Holy Saturday 2023 | Easter Vigil
Holy Saturday also known as Easter Vigil is the day before Easter Sunday, marks the last day of Holy Week. Its a space between Good Friday and Easter when we make preparation for Easter Sunday. Holy Saturday is the day of vigil culminating in the feast of the resurrection. For Catholics, Easter Sunday comes at the end of 40 days of prayer, fasting, and almsgiving known as Lent.
Holy Week begins with Palm Sunday, which commemorates Jesus’s entrance into the city of Jerusalem, and concludes with his death on Holy Saturday and his resurrection on Easter Sunday. During Holy Week, Orthodox Christians celebrate Christ’s crucifixion on Friday and his resurrection on Sunday. Holy Saturday is the day in between those two pivotal events. This is the sixth and final day of Holy week. Easter celebrations begin with the Easter Vigil service, which takes place after sundown on Holy Saturday.
Although most western Europeans know the day as Holy Saturday, many eastern Europeans call it Great Saturday. German speakers refer to it as Karsamstag, “Saturday of Mourning.” On the island of Malta it is known as Sibt il Glorja, “Saturday of Glory.” Christians from Iran and Iraq speak of Sabt al Noor, or the “Saturday of Light.” This last name refers to the ancient custom of celebrating the Easter Vigil, held late at night on Holy Saturday, with the lighting of countless lamps and candles.
Easter Vigil Mass
Easter Vigil Mass occurs on Holy Saturday which marks as the end of Lenten season. The Easter Vigil (also Paschal Vigil, Easter Vigil Mass or Mass of the Easter Vigil) is held after nightfall on Holy Saturday, it is the first Easter Mass to celebrate Christ’s resurrection from the dead, the most important feast in the church’s liturgical year.
The Easter Vigil Mass is the most important Mass in the Catholic Church. Catholics throughout the entire world will celebrate this most holiest of nights, in union with Jesus Christ and with all of their brothers and sisters in Christ throughout the world.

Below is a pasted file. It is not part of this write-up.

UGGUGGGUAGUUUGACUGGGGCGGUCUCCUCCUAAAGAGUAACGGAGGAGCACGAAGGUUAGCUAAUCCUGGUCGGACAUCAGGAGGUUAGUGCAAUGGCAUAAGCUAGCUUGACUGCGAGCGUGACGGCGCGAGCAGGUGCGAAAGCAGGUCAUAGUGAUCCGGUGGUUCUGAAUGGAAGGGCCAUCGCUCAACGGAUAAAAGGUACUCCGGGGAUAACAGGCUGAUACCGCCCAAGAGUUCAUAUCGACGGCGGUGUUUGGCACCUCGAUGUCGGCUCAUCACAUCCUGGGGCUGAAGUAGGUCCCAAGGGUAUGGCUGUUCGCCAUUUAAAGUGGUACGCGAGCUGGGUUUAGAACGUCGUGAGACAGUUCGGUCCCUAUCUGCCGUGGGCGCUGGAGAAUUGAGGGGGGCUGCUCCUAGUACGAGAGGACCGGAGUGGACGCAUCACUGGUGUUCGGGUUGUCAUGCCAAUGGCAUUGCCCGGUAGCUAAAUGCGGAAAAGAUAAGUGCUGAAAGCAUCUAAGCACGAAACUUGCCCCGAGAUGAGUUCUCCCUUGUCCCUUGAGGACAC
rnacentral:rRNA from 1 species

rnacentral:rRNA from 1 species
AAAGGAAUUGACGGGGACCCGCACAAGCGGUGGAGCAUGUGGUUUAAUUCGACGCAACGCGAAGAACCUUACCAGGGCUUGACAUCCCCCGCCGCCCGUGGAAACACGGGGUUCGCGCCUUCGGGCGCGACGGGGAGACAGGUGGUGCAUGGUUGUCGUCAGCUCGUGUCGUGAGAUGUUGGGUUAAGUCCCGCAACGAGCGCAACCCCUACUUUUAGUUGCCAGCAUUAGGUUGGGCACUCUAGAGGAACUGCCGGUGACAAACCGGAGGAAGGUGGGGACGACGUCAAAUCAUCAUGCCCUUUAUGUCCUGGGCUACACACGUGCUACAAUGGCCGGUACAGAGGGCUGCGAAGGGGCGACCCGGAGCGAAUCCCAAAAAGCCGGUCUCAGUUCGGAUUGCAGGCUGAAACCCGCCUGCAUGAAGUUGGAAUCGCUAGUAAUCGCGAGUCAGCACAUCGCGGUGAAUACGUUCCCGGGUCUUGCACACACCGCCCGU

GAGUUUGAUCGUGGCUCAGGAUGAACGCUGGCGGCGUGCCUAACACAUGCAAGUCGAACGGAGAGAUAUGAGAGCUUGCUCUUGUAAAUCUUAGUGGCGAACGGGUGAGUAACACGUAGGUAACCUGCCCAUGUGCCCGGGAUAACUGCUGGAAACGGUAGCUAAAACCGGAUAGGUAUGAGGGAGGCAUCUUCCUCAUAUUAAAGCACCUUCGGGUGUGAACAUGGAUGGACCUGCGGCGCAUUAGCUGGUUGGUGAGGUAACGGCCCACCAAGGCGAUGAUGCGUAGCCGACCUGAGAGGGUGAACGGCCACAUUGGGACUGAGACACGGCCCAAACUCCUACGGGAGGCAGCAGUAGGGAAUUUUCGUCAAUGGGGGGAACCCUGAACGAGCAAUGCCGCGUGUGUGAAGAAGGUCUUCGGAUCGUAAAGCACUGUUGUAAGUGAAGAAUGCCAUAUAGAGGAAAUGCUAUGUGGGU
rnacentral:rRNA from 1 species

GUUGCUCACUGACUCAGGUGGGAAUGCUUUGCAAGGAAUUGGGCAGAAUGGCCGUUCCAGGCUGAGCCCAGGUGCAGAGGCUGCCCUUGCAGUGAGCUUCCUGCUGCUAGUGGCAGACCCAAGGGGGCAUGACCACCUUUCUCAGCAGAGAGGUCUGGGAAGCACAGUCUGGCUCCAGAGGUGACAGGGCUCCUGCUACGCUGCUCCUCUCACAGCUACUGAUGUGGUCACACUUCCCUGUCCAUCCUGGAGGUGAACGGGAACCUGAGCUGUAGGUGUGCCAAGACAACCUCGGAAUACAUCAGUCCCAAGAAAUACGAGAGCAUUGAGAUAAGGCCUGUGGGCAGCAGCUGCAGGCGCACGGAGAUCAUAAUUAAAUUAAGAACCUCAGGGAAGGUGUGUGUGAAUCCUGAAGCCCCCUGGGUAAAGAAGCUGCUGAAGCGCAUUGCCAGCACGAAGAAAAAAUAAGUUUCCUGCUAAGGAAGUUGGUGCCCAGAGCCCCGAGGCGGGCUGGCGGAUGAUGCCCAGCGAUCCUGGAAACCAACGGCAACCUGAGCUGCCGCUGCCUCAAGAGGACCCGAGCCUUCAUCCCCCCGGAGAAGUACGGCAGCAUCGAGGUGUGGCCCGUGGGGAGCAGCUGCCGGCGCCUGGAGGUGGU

It is a time for Christians to reflect on Jesus’ journey to the Cross, beginning with his triumphal entry into Jerusalem and concluding wish his lonely trek from the Upper Room through Gethsemane and ultimately to Calvary and the empty tomb.
The History of Celebrating Holy Saturday
In the earliest days, there was no special celebration on Holy Saturday, except perhaps anticipation of the all-night Paschal Vigil. Eventually the focus on preparation for the Great Vigil became more emphasized.
According to a most ancient tradition, this night is “one of vigil for the Lord,” and the Vigil celebrated during it, to commemorate that holy night when the Lord rose from the dead, is regarded as the “mother of all holy vigils.” For in that night, the Church keeps vigil, waiting for the resurrection of the Lord, and celebrates the sacraments of Christian initiation.
Holy Saturday is a vigil. We keep watch for the expectant rising of Our Savior. This was the day He went down into the netherworld in order to bring back up with Him into heaven those who had died before His coming. Up to this time, the gates to heaven were closed and no one could go there because of the original sin of Adam. Jesus changed all that.
By paying the price for our sins on the Cross, He gained for us our eternal salvation, and heaven was openedonce more. Also on this night, persons who have spent months of preparation will be received through Baptism and Confirmation into the Catholic Church for the first time. It is a joyous occasion.
Holy Saturday Celebration
Holy Saturday is the day between Good Friday and Easter Sunday. On this day, the Church waits at the Lord’s tomb, and meditates on his passion and death, and descent to the dead. With prayer and fasting we await his glorious Easter resurrection. Mary is also a Holy Saturday symbol.
There is a tradition when candles are being lit during the Holy Saturday church service, for example, people in Greece celebrate by lighting fireworks. Though there are many parts of the Holy Saturday evening service, the most memorable is the part just before midnight. All the lights are extinguished in the church and the parishioners wait in silence. At midnight, the whole church is illuminated as the people chant “Christos Anesti!” or “Christ is Risen!” Then, the traditional “Christ is Risen” hymn is sung in celebration.
The Easter Vigil takes place at the end of the day because the new liturgical day begins at sunset, the vigil begins at sunset on Holy Saturday outside the church, where an Easter fire is kindled and the Paschal candle is blessed and then lit. This Paschal candle will be used throughout the season of Easter, remaining in the sanctuary of the church and throughout the coming year at baptisms and funerals, reminding all that Christ is our life and light.
For many of us Saturday is a day of hunting for eggs with the children or simply another day to get ready for Easter Sunday breakfast, Easter services and time with family.